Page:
The Salty Side: Saltwater Aquariums for Beginners

How to Cycle a Saltwater Aquarium

The very first process you will be introduced to when starting up a reef tank is something referred to as tank cycling. You will need to know how to cycle a saltwater tank. This is not something unique to marine keeping. The cycling process is also established in freshwater tropical tanks.

In fact, the tank cycling process is evident in every body of water on earth. It is a continual process that cycles through ammonia and nitrite and into nitrate, then nitrogen. It is known as the Nitrogen Cycle

saltwater aquarium live rock
Live rock encrusted with coralline algae and sponges

How does the nitrogen cycle work in a saltwater aquarium?

Tank cycling is more accurately described as the nitrogen cycle. It is an established, revolving, continuous process.  Once it is established in your tank, it will continue to ensure that your inhabitants can live comfortably in an enclosed environment.

With the aim of making this as informative as possible, I’ll introduce you to these helpful bacteria.

  • Nitrosomanas are nitrifying bacteria that live for the sole purpose of converting Ammonia (NH3) into Nitrite (NO2).


  • Nitrobacter are nitrifying bacteria that convert Nitrite (NO3) into Nitrate (NO2).

For the nitrogen cycle to kick off, both nitrosomanas and nitrobacter bacteria have to be present, even in small amounts.  

ammonia and nitrite toxic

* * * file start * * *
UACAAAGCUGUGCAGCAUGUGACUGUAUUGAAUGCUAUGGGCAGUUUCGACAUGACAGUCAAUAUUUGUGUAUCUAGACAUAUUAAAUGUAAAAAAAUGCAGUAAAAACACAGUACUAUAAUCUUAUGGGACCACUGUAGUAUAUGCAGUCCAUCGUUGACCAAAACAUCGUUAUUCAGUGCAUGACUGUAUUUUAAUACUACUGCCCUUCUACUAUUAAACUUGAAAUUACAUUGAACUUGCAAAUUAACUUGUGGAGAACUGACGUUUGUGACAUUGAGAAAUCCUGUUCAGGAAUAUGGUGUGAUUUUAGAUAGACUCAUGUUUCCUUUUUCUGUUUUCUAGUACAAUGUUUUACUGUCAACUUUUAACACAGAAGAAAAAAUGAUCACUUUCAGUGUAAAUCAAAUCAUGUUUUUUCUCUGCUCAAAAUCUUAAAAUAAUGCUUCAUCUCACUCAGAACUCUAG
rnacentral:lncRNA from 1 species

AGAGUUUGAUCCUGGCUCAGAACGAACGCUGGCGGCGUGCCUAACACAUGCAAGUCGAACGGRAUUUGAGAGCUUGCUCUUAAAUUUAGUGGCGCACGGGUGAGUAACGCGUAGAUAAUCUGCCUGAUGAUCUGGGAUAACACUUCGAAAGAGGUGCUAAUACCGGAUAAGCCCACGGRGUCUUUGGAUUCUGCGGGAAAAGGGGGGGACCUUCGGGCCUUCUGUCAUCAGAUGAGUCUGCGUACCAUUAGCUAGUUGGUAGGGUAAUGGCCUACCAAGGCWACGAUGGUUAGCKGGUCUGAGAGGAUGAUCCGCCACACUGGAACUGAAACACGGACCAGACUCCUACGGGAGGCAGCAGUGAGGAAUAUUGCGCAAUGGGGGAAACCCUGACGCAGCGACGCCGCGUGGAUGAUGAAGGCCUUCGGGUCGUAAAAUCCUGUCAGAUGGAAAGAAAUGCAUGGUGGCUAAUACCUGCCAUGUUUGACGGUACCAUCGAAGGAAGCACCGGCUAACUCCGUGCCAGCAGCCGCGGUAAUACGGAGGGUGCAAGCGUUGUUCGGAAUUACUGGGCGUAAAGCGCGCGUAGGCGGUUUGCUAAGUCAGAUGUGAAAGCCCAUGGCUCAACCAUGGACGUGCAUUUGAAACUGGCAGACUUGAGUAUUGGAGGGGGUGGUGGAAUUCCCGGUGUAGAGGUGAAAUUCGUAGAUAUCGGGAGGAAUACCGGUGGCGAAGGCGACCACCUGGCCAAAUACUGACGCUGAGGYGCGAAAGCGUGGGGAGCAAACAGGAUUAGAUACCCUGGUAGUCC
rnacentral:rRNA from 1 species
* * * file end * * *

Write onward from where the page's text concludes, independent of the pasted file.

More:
Traditional Tank Cycling

Until several years ago, this method of tank cycling was the only way to establish a saltwater aquarium. Initially the process involved setting a tank up with dry ocean rock (also known as aragonite).

Ammonia was introduced to the tank by adding a prawn, or a muscle, or even ammonia and patiently waiting for nitrifying bacteria to populate the tank.

Through testing the water you could establish at what stage the nitrifying bacteria where at. If a test came back with high ammonia, then you knew that the nitrosomanas bacteria had not yet successfully established themselves.

When ammonia was diminishing or gone altogether, but nitrite was evident, the nitrosomanas bacteria where pretty well established, converting ammonia into nitrites.

When nitrates were being detected, you were confident that the nitrobacter bacteria were now converting nitrites to nitrate.

When no ammonia or nitrite was detected, you could slowly begin adding fish.

This process was known to take up to two months to establish the nitrifying bacteria required to correctly deal with future bioload.  Once your tank was cycled your rock could be called ‘live’.

Cycling a saltwater tank with live rock

Live rock , also aragonite, became more readily available. It brought huge changes to tank cycling. It was shipped from abroad after having spent time in the ocean*, and was alive with marine microorganisms and bacteria.

During shipment it was kept damp, and when it reached its country of destination it was put into holding tanks. Depending on the quality of the live rock it would include all sorts of hitchhikers directly from the sea of its origin.

The key with this live rock is that it already had an abundance of nitrifying bacteria living on and in it.

When live rock was purchased, the time it took to transfer it from its holding tank at your LFS to your aquarium determined how quickly a nitrogen cycle could be established in your tank.  The longer the period that live rock is kept out of the water, the more organisms and bacteria perish. This is referred to as ‘die-off’, which I’ll explain in more detail below.

How long should a saltwater tank cycle before adding fish?